We met with Juanes and thought his intentions were good. We believed that he was willing to listen, to learn, and to take our concerns and the concerns of the Cuban people — both in Cuba and elsewhere — into consideration in making decisions about his event.
SO... to be clear, our organization doesn't support or denounce Juanes' Havana concert. All we've said is that it could present a meaningful opportunity to the people of Cuba if it's one with them and the realities they live in mind.
Raíces understands that "dialogue" has special connotations in the context of a discussion of Cuba — especially when it comes to media coverage.
We urged the Herald not to use this term because, traditionally, "dialogue" in the Cuban context means dialogue with the regime. We're not "in favor of" that, as the Herald article seems to suggest. We're certainly not an organization that intends to dialogue with that or any regime. As far as others dialoguing with the regime, we neither discourage nor advocate for that tactic (perhaps some people in our network think this is a good idea, but others do not, and our organization is built to reflect consensus points).
We hope that, in the future, press coverage of Raíces reflects the nuances of the issues we deal with and accurately reflects our statements, our positions, and our network — not just for accuracy's sake, but for Cuba's sake.
Más represión y detenciones en Cuba en vísperas del concierto de Juanes
18/09/2009 | Directorio Democrático Cubano
Arrestan nuevamente a joven líder del Movimiento Cubano de Jóvenes por la Democracia
Miami. 18 de septiembre de 2009. Directorio Democrático Cubano. Desde horas tempranas de la mañana de hoy viernes 18 de septiembre, dos días antes del concierto del cantante colombiano Juanes en La Habana, las autoridades del régimen castrista aumentan las medidas represivas y continúan encarcelando a jóvenes miembros de la resistencia en la isla.
Los opositores Julián Enrique Martínez Báez y Luis González Medina fueron arbitrariamente arrestados a las 8:20 a.m. y llevados para la Unidad de la Policía Nacional Revolucionaria (PNR) en San José de las Lajas, Provincia Habana. Ambos son miembros del Partido Pro Derechos Humanos de Cuba afiliado a la Fundación Andrei Sajarov. González Medina fue excarcelado después de una hora y media de detención. Sin embargo, Martínez Baez continua encarcelado y según declaraciones de la activista Luz María Barceló Padrón, las autoridades informaron que “Julián no iba a participar en el concierto de Juanes”.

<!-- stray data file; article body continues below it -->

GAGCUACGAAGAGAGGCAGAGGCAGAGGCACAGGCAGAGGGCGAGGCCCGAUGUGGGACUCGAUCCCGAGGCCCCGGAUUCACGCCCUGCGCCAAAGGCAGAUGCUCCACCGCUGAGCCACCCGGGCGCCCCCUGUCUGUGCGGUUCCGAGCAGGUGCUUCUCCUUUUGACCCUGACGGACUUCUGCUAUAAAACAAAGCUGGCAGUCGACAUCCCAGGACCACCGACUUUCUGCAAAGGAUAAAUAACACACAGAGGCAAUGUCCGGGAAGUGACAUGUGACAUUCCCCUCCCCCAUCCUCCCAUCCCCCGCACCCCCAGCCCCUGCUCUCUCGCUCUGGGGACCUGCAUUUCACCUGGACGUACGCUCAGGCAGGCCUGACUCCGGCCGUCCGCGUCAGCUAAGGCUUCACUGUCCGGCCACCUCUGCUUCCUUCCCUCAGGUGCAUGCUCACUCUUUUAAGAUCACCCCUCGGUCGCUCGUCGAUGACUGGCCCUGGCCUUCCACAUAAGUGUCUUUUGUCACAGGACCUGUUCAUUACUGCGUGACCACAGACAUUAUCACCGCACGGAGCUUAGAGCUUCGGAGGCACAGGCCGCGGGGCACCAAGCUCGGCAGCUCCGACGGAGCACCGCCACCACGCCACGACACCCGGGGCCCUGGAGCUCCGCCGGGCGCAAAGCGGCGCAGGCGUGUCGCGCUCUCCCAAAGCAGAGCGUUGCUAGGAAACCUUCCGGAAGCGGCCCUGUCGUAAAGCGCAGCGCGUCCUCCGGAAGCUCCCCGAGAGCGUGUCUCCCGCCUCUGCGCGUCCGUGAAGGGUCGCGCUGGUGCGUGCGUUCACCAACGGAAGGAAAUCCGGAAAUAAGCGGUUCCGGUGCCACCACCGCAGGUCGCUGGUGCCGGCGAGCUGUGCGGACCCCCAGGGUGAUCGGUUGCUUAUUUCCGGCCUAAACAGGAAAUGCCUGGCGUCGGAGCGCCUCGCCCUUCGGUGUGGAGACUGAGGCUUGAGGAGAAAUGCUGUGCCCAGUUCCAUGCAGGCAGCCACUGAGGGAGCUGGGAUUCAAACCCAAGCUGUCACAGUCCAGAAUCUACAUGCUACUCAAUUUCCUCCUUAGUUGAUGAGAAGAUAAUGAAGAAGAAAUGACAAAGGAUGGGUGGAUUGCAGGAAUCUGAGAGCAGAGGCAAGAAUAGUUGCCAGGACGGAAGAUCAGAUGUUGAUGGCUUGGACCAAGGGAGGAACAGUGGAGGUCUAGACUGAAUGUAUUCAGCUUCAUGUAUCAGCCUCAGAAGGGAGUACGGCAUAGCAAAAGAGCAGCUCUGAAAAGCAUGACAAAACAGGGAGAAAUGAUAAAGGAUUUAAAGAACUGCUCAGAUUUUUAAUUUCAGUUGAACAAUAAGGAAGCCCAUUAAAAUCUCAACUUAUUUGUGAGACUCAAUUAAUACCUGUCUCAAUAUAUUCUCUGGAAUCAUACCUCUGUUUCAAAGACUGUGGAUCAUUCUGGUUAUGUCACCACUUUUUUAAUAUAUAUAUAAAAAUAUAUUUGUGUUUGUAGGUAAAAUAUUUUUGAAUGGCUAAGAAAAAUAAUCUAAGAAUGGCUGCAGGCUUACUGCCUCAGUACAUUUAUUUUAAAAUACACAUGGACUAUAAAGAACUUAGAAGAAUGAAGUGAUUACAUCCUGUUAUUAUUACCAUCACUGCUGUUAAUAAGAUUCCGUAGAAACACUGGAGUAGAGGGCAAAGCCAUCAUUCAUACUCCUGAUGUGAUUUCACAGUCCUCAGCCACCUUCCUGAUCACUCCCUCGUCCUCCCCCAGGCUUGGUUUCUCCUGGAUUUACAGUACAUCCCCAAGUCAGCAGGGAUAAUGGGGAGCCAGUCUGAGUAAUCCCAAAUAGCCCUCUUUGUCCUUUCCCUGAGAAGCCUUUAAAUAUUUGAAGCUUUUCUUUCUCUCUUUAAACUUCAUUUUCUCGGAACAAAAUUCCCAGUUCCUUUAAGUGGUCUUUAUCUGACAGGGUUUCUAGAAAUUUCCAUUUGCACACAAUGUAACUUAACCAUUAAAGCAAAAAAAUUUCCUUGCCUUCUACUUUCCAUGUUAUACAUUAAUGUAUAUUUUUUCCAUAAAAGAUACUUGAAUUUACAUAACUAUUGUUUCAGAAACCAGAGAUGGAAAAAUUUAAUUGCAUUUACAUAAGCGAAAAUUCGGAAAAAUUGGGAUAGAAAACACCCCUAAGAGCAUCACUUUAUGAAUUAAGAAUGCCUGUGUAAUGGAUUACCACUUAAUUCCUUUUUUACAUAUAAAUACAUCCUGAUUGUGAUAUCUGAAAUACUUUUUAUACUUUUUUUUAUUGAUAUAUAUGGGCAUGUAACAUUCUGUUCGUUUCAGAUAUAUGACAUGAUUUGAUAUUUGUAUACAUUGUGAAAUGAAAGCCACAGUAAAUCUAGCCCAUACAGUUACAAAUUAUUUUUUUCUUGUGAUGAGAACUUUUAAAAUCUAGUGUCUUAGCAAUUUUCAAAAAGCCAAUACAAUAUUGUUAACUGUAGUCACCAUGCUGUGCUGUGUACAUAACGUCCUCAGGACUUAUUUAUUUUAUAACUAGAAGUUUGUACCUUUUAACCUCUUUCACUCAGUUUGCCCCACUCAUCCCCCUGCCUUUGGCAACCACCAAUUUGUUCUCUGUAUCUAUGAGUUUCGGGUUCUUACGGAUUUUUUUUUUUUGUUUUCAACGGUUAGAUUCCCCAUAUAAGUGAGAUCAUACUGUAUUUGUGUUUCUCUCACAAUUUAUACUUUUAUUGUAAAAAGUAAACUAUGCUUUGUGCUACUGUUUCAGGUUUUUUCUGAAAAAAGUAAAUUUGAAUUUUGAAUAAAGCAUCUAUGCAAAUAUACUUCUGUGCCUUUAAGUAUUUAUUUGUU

Asimismo, el activista y líder del Movimiento Cubano de Jóvenes por la Democracia (MCJD), Rolando Rodríguez Lobaina fue detenido, apenas 24 horas después de haber sido liberado, en la ciudad de Guantánamo bajo un operativo militar efectuado por la Seguridad del Estado en la noche del día 17 de septiembre. Rodríguez Lobaina se encontraba en los alrededores de la vivienda de su esposa Yanet Mosquera.
Rodríguez Lobaina había sido detenido días antes en la Ciudad de La Habana y deportado hacia Guantánamo bajo el supuesto delito de estar ilegal en La Habana. En el momento de redactar esta nota, ni su familia ni sus hermanos opositores conocen de su paradero.
Por otro lado, las autoridades del régimen en la ciudad de Baracoa, Guantánamo citaron al joven activista Keyber Rodríguez Fernández del Movimiento Juan Pablo II a la unidad del PNR de esta ciudad por “no estar trabajando con el estado”, y por esto lo amenazaron con ser detenido en cualquier momento, según declaraciones del mismo joven al Directorio Democrático Cubano.
Asimismo, las autoridades realizaron un operativo militar durante la actividad del “Día del opositor” en la vivienda del presidente del Movimiento Cívico Nacionalista “Máximo Gómez Báez”, Conrado Marrero Suárez. Según declaraciones del activista Raúl Risco Pérez al Directorio Democrático Cubano, se personaron alrededor de 20 policías vestidos de civil y otros con uniforme frente la vivienda de Conrado Marrero Suárez. Risco Pérez también informó que alrededor de 20 policías patrullaron la esquina en Avenida de los Castillos, y en la calle 6ta, otros 20 policías patrullaban la calle. “Hay varias motos patrullando toda la zona con el objetivo de impedir que se pueda realizar esta actividad donde nos íbamos a reunir el Movimiento Cívico Nacionalista “Máximo Gómez Báez” y el Comité Ciudadano Contra los Malos Tratos de Pinar del Río. En mi caso tengo tres autos patrulleros frente a mi vivienda, Conrado salió de su casa por la puerta de atrás en horas de la madrugada para no ser detenido,” declaró el activista.